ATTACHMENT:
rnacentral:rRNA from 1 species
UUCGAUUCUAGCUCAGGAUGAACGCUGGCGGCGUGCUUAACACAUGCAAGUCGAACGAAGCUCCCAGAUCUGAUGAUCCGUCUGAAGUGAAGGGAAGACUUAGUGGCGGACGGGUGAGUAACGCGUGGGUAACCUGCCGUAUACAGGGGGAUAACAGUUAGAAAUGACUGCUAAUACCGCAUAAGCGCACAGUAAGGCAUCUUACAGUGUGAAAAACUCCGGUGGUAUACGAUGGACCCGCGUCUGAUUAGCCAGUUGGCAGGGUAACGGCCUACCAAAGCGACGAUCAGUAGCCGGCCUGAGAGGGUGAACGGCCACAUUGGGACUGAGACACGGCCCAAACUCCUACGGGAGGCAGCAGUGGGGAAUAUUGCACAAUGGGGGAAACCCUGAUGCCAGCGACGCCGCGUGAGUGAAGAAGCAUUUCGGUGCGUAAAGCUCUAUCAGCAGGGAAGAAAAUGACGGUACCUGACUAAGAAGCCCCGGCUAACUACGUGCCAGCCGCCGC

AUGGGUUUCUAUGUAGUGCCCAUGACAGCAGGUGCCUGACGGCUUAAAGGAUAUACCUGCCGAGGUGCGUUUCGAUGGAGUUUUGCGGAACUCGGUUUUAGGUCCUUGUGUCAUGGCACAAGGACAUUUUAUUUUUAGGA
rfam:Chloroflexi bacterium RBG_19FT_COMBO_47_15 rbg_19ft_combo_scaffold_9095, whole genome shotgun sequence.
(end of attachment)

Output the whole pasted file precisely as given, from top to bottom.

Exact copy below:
rnacentral:rRNA from 1 species
UUCGAUUCUAGCUCAGGAUGAACGCUGGCGGCGUGCUUAACACAUGCAAGUCGAACGAAGCUCCCAGAUCUGAUGAUCCGUCUGAAGUGAAGGGAAGACUUAGUGGCGGACGGGUGAGUAACGCGUGGGUAACCUGCCGUAUACAGGGGGAUAACAGUUAGAAAUGACUGCUAAUACCGCAUAAGCGCACAGUAAGGCAUCUUACAGUGUGAAAAACUCCGGUGGUAUACGAUGGACCCGCGUCUGAUUAGCCAGUUGGCAGGGUAACGGCCUACCAAAGCGACGAUCAGUAGCCGGCCUGAGAGGGUGAACGGCCACAUUGGGACUGAGACACGGCCCAAACUCCUACGGGAGGCAGCAGUGGGGAAUAUUGCACAAUGGGGGAAACCCUGAUGCCAGCGACGCCGCGUGAGUGAAGAAGCAUUUCGGUGCGUAAAGCUCUAUCAGCAGGGAAGAAAAUGACGGUACCUGACUAAGAAGCCCCGGCUAACUACGUGCCAGCCGCCGC

AUGGGUUUCUAUGUAGUGCCCAUGACAGCAGGUGCCUGACGGCUUAAAGGAUAUACCUGCCGAGGUGCGUUUCGAUGGAGUUUUGCGGAACUCGGUUUUAGGUCCUUGUGUCAUGGCACAAGGACAUUUUAUUUUUAGGA
rfam:Chloroflexi bacterium RBG_19FT_COMBO_47_15 rbg_19ft_combo_scaffold_9095, whole genome shotgun sequence.